17. On a slightly unrelated topic, I wish there was the ability to perform "Dynamic dispatching" based on Data type, or even just on Strict Typedefs....... This wouldn't be a "one size fit all" approach, as there need to be a finite number of defined end states, but I think it'd still go a long way to allow some more advanced features. especially when tied to a producer/consumer design. My original post (NI Forum) is here. This, in my opinion, would make some issues in UI programming a LOT more versatile indeed. Haven't tried Xnodes though. Will do shortly. Shane.
  18. <Walter Sobchak> I did not know that. </Walter Sobchak> That would make the available size of any given control rather limited....... Ouch. Shane. QUOTE(Ben @ Aug 13 2007, 02:30 PM)
  19. There still seem to be some files missing in the zip file..... I see you have quite a lot of cosmetic items in the control. This may be the reason for overloading the TD, but somehow I doubt it. Since I can't load all the Ctrls it's hard to comment further. Perhaps replacing all of the cosmetic items with a single bitmap of the required background might help you get around any object limit which may be causing problems? I've very little experience of this kind of control customisation, so maybe someone else is better qualified to answer. Shane. QUOTE(Bjarne Joergensen @ Aug 13 2007, 01:28 PM)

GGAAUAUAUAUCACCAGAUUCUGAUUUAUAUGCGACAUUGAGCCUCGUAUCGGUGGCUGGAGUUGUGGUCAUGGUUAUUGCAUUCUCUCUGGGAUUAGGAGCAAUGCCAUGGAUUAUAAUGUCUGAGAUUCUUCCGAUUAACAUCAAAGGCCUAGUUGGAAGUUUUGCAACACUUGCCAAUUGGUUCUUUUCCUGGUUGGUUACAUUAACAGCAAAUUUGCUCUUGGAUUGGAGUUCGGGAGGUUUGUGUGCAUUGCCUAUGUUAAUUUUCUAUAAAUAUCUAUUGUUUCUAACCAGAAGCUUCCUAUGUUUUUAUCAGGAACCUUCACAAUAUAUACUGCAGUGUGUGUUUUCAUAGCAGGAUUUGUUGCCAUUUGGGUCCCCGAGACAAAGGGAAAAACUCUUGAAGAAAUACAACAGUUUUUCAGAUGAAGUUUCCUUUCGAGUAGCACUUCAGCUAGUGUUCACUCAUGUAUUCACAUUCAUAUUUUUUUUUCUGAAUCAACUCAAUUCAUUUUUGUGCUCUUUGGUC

20. In general any sophisticated OS should not use the filename to distinguish what "type" a file is. However, Windows tends to rely on this quite a lot. Many file formats have a certain header at the beginning of the file, regardless of which file extension it has. If you have some way of identifying an "unknown" file, then this is the way to do it. If it's an unknown file with unknown format, then I guess you're out of luck. You can relatively easily distinguish a PNG file for example. From Wikipedia: "A PNG file starts with an 8-byte signature. The hexadecimal byte values are 89 50 4E 47 0D 0A 1A 0A. Each of the header bytes is there for a specific reason:" Many MSOffice documents also have a certain header for example, but renaming an XLS file to something else breaks it's connection to the application. Windoh!s. Since reading the file contents is quite a time-consuming matter, the file extension (even though it's really only an educated guess) is mostly used. Shane. QUOTE(eaolson @ Aug 12 2007, 05:54 PM)